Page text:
ShareThis Page

Smacking a man's Pappy: Bourbon buncombe

| Monday, Feb. 2, 2015, 9:00 p.m.

It once was written that if you give “The State” the power to do something for you, you give it an exact equivalent of power to do something to you.

Witness what “The State” did to some poor schmuck in Pittsburgh last week looking to turn what appears to be an honest buck — not to mention a handsome profit — on a product in high demand.

Thursday last, the Pennsylvania State Police Bureau of Liquor Enforcement arrested a man it has not named for attempting to re-sell a bottle of Pappy Van Winkle 20 Year, one of the hot buttery bourbons of the day. Mr. Unnamed had the temerity to put a bottle of the wheated mash delicacy — retail price, $130 — up for sale on Craigslist for $800.

State gendarmes got wind of the offer — through unspecified complaints — and set up a sting. The of-age seller is being charged with a misdemeanor count of a non-licensed person selling liquor. He faces a $103 fine.

Never mind that this fella first appears to have come by his Pappy legally (nobody's seriously suggesting otherwise), already had paid all applicable (though usurious) taxes for the privilege and that it was his property, “The State” swooped in to extend its control past the original purchase.

Adding insult to its bandittiness, the government also has the power to destroy the Pappy, if it so chooses.

Thus, “The State” yet again lives up to its deserved reputation of being a creature of pillage and plunder.

TribLIVE commenting policy

You are solely responsible for your comments and by using TribLive.com you agree to our Terms of Service.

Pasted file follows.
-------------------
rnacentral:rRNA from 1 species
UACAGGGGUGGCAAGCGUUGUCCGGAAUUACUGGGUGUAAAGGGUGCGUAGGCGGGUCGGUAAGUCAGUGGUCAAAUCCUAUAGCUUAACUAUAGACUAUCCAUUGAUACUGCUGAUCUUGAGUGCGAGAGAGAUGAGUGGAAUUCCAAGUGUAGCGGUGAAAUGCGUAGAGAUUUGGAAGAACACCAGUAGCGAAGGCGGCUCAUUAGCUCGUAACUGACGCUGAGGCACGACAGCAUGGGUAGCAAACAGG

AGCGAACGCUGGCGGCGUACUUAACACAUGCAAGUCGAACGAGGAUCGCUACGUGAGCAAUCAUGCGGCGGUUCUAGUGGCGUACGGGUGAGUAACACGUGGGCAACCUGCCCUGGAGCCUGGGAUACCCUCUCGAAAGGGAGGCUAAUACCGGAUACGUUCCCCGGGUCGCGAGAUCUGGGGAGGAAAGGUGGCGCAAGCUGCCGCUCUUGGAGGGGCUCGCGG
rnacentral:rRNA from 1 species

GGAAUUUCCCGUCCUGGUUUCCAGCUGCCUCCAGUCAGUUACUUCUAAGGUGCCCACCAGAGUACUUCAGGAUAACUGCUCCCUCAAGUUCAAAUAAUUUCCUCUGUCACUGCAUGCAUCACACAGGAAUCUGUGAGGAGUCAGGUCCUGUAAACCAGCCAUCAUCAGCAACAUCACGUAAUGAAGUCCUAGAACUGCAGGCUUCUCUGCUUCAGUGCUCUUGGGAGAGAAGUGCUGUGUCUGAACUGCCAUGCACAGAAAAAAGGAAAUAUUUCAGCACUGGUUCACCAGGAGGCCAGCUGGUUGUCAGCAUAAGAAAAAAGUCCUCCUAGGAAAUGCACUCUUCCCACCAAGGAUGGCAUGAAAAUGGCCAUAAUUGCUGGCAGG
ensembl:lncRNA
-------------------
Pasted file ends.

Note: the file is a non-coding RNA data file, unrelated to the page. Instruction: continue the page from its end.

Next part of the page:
We moderate comments. Our goal is to provide substantive commentary for a general readership. By screening submissions, we provide a space where readers can share intelligent and informed commentary that enhances the quality of our news and information.

While most comments will be posted if they are on-topic and not abusive, moderating decisions are subjective. We will make them as carefully and consistently as we can. Because of the volume of reader comments, we cannot review individual moderation decisions with readers.

We value thoughtful comments representing a range of views that make their point quickly and politely. We make an effort to protect discussions from repeated comments either by the same reader or different readers

We follow the same standards for taste as the daily newspaper. A few things we won't tolerate: personal attacks, obscenity, vulgarity, profanity (including expletives and letters followed by dashes), commercial promotion, impersonations, incoherence, proselytizing and SHOUTING. Don't include URLs to Web sites.

We do not edit comments. They are either approved or deleted. We reserve the right to edit a comment that is quoted or excerpted in an article. In this case, we may fix spelling and punctuation.

We welcome strong opinions and criticism of our work, but we don't want comments to become bogged down with discussions of our policies and we will moderate accordingly.

We appreciate it when readers and people quoted in articles or blog posts point out errors of fact or emphasis and will investigate all assertions. But these suggestions should be sent via e-mail. To avoid distracting other readers, we won't publish comments that suggest a correction. Instead, corrections will be made in a blog post or in an article.